The ribbon cutting for a solar array that will generate an estimated 86 percent of the Talent Community Center’s electrical needs will be held at noon Saturday as part of the city's annual Harvest Festival.

The system went online last week.

A $60,000 grant from Pacific Power’s Blue Sky program and an $8,000 city match funded installation of the system in the 2-year-old building, at 104 W. Main St., which had been designed to accommodate solar power.

Without solar the city spent $3,459 on electricity for the Community Center over the last 12 months. The project will be tied into the grid, and when excess power is generated it can be used elsewhere.

True South Solar of Ashland installed the array, which takes up about one-third of the roof and faces south. The panels have a life expectancy of 25 years. A chart prepared by True South shows energy production should exceed use May through September but does not equal the use in other months.

Pacific Power credits that excess generation to the building’s account and it will be drawn against in the winter.

Talent was designated as one of 60 Green Power Communities nationwide by the Environmental Protection Agency in 2015 for its rate of purchase of renewable energy. Talent had the fourth-highest rate in the state for renewable purchases, and participation in Pacific Power’s Blue Sky Program was four times higher than the average for other communities in Southern Oregon.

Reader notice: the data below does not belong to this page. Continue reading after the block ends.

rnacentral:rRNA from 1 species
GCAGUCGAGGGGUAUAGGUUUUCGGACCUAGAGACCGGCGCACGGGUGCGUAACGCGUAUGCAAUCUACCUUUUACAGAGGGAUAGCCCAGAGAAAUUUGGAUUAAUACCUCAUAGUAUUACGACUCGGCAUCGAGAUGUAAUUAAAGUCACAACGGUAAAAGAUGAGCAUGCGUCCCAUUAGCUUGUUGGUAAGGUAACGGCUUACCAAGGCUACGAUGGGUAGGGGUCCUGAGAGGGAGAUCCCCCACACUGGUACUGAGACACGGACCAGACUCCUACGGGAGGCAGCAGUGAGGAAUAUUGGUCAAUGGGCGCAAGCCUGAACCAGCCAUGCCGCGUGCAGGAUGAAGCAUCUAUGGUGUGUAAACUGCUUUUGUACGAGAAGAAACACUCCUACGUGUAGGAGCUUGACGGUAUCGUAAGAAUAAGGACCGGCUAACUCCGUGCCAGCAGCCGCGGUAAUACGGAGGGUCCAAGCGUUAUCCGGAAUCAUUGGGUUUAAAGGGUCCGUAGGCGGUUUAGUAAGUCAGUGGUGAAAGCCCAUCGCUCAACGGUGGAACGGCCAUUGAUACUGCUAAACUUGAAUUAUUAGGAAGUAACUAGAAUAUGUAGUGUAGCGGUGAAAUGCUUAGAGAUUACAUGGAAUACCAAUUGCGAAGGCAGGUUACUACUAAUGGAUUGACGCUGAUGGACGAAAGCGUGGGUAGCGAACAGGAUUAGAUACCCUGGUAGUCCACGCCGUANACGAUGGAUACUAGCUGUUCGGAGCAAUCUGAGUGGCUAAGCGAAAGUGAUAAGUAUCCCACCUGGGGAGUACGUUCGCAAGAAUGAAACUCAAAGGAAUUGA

The City Council approved purchasing 20 percent of city energy from renewable sources in December 2015. This year, the council adopted a Clean Energy Action Plan for 2017.

“We are trying to keep up with our commitment for year one of the action plan,” City Manager Tom Corrigan said of the solar installation.

Discussions are underway about having the city make a longer-term clean action commitment through 2030. Such a step would be incorporated into the city’s comprehensive plan and would therefore be subject to debate and public hearings, said Corrigan.

Two other city actions also are targeted toward clean energy goals.

• The city applied for a Blue Sky grant to fund installation of solar panels at the public works yard to power two pumps that move water through the city’s water system. Corrigan said a solar installation would have the added benefit of being a backup power source in the event of an electrical grid failure.

“The variable-speed pumps are a huge draw on power. They pump water to all the residents," said Corrigan.

• The Oregon Department of Transportation has offered an electrical vehicle charging station to the city at no cost except for installation, which will run about $2,000, said Corrigan. The station will be located at the Community Center and will be the only one in Talent. Installation will begin as soon as the unit is received.

— Tony Boom is an Ashland freelance writer. Reach him at tboomwriter@gmail.com.